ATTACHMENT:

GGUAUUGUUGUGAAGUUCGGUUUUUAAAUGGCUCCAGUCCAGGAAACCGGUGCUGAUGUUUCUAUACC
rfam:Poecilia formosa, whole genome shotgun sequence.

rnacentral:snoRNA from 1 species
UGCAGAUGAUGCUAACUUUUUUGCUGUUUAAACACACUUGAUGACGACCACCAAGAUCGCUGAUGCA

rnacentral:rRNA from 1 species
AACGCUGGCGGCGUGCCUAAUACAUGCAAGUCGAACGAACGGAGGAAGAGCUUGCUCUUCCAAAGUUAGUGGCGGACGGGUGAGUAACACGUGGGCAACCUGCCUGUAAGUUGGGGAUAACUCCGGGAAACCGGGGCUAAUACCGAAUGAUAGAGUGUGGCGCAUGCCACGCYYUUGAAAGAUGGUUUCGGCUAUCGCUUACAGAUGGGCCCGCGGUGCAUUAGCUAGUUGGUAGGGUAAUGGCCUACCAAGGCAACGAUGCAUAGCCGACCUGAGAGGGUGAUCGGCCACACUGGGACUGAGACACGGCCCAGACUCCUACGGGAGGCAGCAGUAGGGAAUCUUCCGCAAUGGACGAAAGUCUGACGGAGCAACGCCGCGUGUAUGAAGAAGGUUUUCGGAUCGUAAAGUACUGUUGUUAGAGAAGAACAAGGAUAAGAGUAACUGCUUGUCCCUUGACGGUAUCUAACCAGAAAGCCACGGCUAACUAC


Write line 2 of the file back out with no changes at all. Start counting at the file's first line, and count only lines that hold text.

rfam:Poecilia formosa, whole genome shotgun sequence.